Are you wondering how to connect a single IP camera to the network using a non-PoE switch or a router? Well, that’s what will discuss in this article. It’s super easy and takes just a few minutes.
The wiring guide below shows how to wire an IP camera to a router or a non-PoE switch. The diagram is universal and can be applied to any IP camera regardless of the manufacturer or brand (Hikvision, Dahua, Axis, Uniview, etc).
Any camera that needs to be connected without the PoE feature, needs to be powered with a 12V DC power supply. While via PoE you can power up and transmit the data via the same Ethernet cable, on non-PoE connections you need to run separate cables for the power and the data.
As shown on the diagram, the IP camera is powered up via the DC 12V power supply and then it’s plugged in at the back of the non-PoE switch via an Ethernet cable. Make sure you connect the camera on the regular ports of the switch and not in the WAN ports. Usually, the regular ports are labeled as such and grouped together.
The switch is connected to the router which brings the devices on the network and provides internet. On the same non-PoE switch, you can connect a computer/laptop or an NVR. If you have an NVR, it must be connected to the same switch or network.
After that, you can add the camera to the NVR via its local menu. If the camera and the NVR are on different networks, then these two devices cannot “see” each other. So, they must be plugged in on the same LAN.
If you are installing more than one IP camera, only connect and configure one camera at a time. Do not plug in all cameras at once. Once you get one camera configured, then you can plug in the next one for configuration and so on. Sometimes when you plug all the cameras at the same time, you may end up having IP conflicts issues.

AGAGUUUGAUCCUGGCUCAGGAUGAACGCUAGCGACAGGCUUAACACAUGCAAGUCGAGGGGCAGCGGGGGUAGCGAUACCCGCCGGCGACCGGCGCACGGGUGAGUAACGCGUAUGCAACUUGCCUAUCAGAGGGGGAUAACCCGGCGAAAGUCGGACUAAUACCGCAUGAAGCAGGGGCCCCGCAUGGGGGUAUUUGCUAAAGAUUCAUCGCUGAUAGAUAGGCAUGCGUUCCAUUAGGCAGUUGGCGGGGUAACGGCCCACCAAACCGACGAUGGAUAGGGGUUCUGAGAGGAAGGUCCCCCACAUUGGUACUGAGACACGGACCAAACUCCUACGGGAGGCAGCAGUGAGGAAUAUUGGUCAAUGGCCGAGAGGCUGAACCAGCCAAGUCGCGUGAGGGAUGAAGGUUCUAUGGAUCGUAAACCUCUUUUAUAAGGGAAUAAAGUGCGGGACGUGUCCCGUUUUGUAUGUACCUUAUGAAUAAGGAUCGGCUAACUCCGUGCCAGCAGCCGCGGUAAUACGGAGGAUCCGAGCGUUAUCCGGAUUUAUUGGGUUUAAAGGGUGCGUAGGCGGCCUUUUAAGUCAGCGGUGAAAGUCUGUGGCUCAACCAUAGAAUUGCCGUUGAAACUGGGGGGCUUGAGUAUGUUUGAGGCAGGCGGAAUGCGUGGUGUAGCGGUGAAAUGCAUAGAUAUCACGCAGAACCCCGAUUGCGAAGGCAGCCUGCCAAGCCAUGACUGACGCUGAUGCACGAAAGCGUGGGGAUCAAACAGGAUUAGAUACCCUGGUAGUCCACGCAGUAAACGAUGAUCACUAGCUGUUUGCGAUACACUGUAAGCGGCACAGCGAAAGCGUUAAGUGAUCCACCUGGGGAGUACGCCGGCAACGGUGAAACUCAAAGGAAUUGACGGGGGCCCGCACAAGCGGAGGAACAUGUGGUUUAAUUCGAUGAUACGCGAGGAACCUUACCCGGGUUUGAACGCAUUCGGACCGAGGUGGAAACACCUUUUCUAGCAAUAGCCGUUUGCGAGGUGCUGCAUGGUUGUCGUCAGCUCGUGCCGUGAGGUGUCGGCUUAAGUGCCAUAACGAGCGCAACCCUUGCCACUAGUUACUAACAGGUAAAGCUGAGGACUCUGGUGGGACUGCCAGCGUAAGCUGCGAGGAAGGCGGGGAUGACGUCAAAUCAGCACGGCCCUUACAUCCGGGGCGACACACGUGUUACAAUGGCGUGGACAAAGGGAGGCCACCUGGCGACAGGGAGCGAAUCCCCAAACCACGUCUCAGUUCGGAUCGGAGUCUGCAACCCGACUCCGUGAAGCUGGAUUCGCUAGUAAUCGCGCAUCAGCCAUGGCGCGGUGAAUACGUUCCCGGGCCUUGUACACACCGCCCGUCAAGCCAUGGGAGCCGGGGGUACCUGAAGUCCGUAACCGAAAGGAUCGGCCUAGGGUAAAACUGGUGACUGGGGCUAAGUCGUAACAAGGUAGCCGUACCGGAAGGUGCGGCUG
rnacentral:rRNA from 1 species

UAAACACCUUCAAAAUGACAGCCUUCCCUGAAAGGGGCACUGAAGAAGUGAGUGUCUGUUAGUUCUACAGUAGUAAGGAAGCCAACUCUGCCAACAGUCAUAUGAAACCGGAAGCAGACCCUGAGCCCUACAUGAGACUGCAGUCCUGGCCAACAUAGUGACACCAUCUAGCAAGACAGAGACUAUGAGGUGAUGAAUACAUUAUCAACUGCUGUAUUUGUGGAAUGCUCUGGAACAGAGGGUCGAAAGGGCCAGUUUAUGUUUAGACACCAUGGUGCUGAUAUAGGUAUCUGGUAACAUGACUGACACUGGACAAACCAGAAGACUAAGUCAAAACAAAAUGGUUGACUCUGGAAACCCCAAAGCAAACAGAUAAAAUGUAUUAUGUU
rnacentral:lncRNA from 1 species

Additionally, you may not even need an NVR if you plan to use the camera as a standalone. In this case, you can access the camera via the browser on your computer and perform all the necessary actions such as live view, playback, adjust settings, etc. You need to install a microSD card on the camera if you want to record the footage.
Common questions when connecting an IP camera to a non-PoE switch
Why do I have to power up the IP camera?
Because that’s a regular non-PoE switch which means the switch cannot power up the camera via ethernet cable. There are two factors to consider, the camera must support the PoE feature and the switch must provide PoE as well. Once both sides support PoE, then you can power up and transmit the data via the same cable.
How to find the IP address of the camera connected to a non-PoE switch?
Some IP cameras have their IP address noted on the box. If not, then you can install the IP finder tool on the laptop or computer (needs to be on the same network) and just scan the network. The tool will list the IP address of the camera and provide you the options to modify it.
Each manufacturer comes with its own IP camera scanner. For example, Hikvision and their OEMs use the SADP tool to locate the IP address of the camera. Dahua uses Config Tool. For more information, check out this article: How to Find the IP Address of Your Security Camera.
Can I connect the laptop/computer via WiFi?
You can, as long as the computer or laptop are connected to the same network as the IP camera or the NVR. So, the WiFi coverage must be coming from the same router where the camera is getting the internet. Otherwise, the camera and the computer won’t be able to see each other and the camera’s IP address won’t show on the IP address finder tool.
How many cameras can I connect to this switch?
Technically you connect as many IP cameras as the switch allows. Let’s say you got a 4 port switch, then you can connect 4 cameras. If you have 8 ports, you can add 8 cameras and so on. If you’re using an NVR, make sure the NVR has enough ports to accommodate all your IP cameras. NVRs come in 4, 8, 16, 32, and more ports.
How long can the run be when using an IP camera on a non-PoE switch?
Usually, it’s recommended to keep the run less than 120 feet. Longer than that, you may have problems with the connection, you may see drops and the camera may go off and on in a loop mode. If you need a longer run, make sure to use a repeater or another switch after 100-120 feet.
Another thing to consider is the quality of your cat5e or cat6 cable. Always go for quality cables that are properly rated. If installed outdoors, ensure the cable is outdoor rated.